Review: Still Life

4 stars

THE PLOT: ‘Still Life’ by Sarah Winman is about a young soldier called Ulysses who meets 64-year-old Evelyn in Italy in the final months of WWII. In this brief encounter Evelyn introduces Ulysses to art, culture and the beauty of Tuscany. But when Ulysses returns to grimy East London after the war he’s confronted by change; his father’s globe making shop was bombed and his wife Peg – the love of his life – has moved on. When a surprising opportunity for Ulysses to go back to Italy arises, he takes a chance. Through the decades, Ulysses develops a rich life and found family. But, there’s unfinished business with Peg and Evelyn, who remain distant yet important figures in the shadows.

RATING: Oh god, I have such a love/hate relationship with this novel. The clever writing, idyllic atmosphere and heart-warming characters are incredible. There is no doubt that Sarah Winman is a master of her craft. Literally, this book will have you booking flights to Florence asap. But the plot (like the limit) does not exist. This novel meanders through the largely pleasant lives of its characters and there’s no tension, there’s no stakes, there’s no piss and vinegar to drive the novel forward. So, as I say, it’s a love/hate relationship. This is a gorgeous book in every sense of the word and I could wax lyrical on its positive attributes but I have to give it four stars (instead of five) because it didn’t fully hit the mark for me.

GOOD BITS: Firstly, the writing is incredible. It’s witty one-liners and character descriptions that show the author has intensely studied human nature. It’s an intelligent third person omniscient narrator who almost toys with the reader (sometimes to my frustration). Secondly, the atmosphere is so evocative of Florence, with delicious food and good wine and art and music and the sunlight bouncing off the Arno. Finally, the side characters are intensely loveable. Gentle, kind Cressy and sweet Ginny will live in my heart forever. Sarah Winman even manages to make a bloody parrot (shout out to Claude) a nuanced and well-rounded supporting character. The good bits of this novel are so good, I’m convinced Sarah Winman is a genius.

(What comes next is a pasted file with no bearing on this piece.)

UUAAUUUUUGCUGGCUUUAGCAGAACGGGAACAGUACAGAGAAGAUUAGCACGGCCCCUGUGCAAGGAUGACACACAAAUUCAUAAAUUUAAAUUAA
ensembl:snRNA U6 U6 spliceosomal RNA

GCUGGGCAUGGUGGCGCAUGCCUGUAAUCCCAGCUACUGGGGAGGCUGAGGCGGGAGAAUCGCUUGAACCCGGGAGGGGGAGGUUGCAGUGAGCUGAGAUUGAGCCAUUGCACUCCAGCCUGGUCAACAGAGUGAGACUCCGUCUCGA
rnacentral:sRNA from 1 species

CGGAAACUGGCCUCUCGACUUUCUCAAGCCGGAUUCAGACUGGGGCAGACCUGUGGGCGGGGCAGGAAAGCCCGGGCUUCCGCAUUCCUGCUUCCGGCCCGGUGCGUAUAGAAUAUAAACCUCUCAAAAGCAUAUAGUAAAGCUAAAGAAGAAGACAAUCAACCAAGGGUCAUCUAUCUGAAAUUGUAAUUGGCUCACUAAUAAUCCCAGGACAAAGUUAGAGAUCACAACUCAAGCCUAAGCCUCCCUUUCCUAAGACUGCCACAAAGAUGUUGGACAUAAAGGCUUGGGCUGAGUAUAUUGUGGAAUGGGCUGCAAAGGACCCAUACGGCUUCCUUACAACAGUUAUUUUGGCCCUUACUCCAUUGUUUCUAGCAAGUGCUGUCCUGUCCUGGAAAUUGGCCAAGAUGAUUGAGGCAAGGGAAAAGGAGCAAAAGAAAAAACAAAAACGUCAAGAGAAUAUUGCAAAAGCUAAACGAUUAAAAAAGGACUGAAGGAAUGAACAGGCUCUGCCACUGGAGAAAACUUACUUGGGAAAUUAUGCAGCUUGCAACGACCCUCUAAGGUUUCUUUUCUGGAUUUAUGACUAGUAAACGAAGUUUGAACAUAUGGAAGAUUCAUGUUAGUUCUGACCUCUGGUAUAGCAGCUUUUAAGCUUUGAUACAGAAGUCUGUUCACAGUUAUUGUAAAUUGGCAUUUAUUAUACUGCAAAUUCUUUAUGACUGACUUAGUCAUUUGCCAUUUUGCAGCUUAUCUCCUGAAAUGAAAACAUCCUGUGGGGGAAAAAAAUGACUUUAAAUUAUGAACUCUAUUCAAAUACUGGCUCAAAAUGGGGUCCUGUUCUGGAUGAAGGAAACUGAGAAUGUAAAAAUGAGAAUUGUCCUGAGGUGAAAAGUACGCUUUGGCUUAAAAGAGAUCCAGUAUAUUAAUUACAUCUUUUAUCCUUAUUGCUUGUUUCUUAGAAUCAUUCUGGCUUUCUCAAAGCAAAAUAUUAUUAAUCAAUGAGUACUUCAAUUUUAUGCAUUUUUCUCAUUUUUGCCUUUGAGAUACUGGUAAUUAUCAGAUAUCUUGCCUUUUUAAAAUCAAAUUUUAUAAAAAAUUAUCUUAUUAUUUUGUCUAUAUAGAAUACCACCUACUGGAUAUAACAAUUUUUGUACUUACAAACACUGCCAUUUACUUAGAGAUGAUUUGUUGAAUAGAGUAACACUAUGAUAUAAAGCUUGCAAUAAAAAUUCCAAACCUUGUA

NOT SO GOOD BITS: My criticisms are centred around a lack of plot / character arc for Ulysses, the slow opening and ending, and the writing being a bit too clever in places. On the first point, I am slightly biased because I listen to too many writing podcasts but there’s very little tension and the stakes never get raised. The main questions are whether Ulysses and Peg will get together, and whether Ulysses and Evelyn will meet again, which didn’t feel like was enough core plot to sustain such a long novel. Additionally, the other events felt like a series of near misses and coincidences rather than a cohesive plot. While the witty one-liners and omniscient narrator were very well-written, it was almost as if all the style was getting in the way of the plot and the narrator was purposely stopping the plot from coming together.

In regards to the opening and ending, it took me 100 pages to get into this novel. That’s partly because it has no speech-marks and I struggled to find the rhythm. It’s also because I didn’t engage with the characters and too much time was spent introducing people who never really came back in a meaningful way. This does sort of resolve itself in the ending, but it all fell flat because I never cared about those opening characters to begin with.

OVERALL: This is not your typical historical fiction and do not go into it as such. It is a unique, creative and somewhat unusual novel in structure, form and style. I’d even class it as ‘literary historical’ as it sort of stretched the genre and because of this, it’s hard for me to think of comps. However, I’d recommend it to lovers of Laurie Lee, Eva Rice and Maggie O’Farrell. While that may seem like a ragtag band of authors, I just think this novel is about vibes and atmosphere, whether it’s a pre-war pastoral idyll like ‘Cider with Rosie’ or the post-war found family of ‘The Misinterpretation of Tara Jupp’ or an interesting form and style with tons of atmosphere like ‘Hamnet’.

Thank you to my fantastic buddy readers. This is certainly one to read with others as there’s lots to discuss and think about. Some of my buddy readers loved the audiobook, which I’d recommend if you want to read this but are worried about the punctuation. Of the group, I feel I was perhaps the most critical so do not let me put you off. This is a book you need to read and, most importantly, feel for yourself. There is no way that a plot summary or review can do it justice.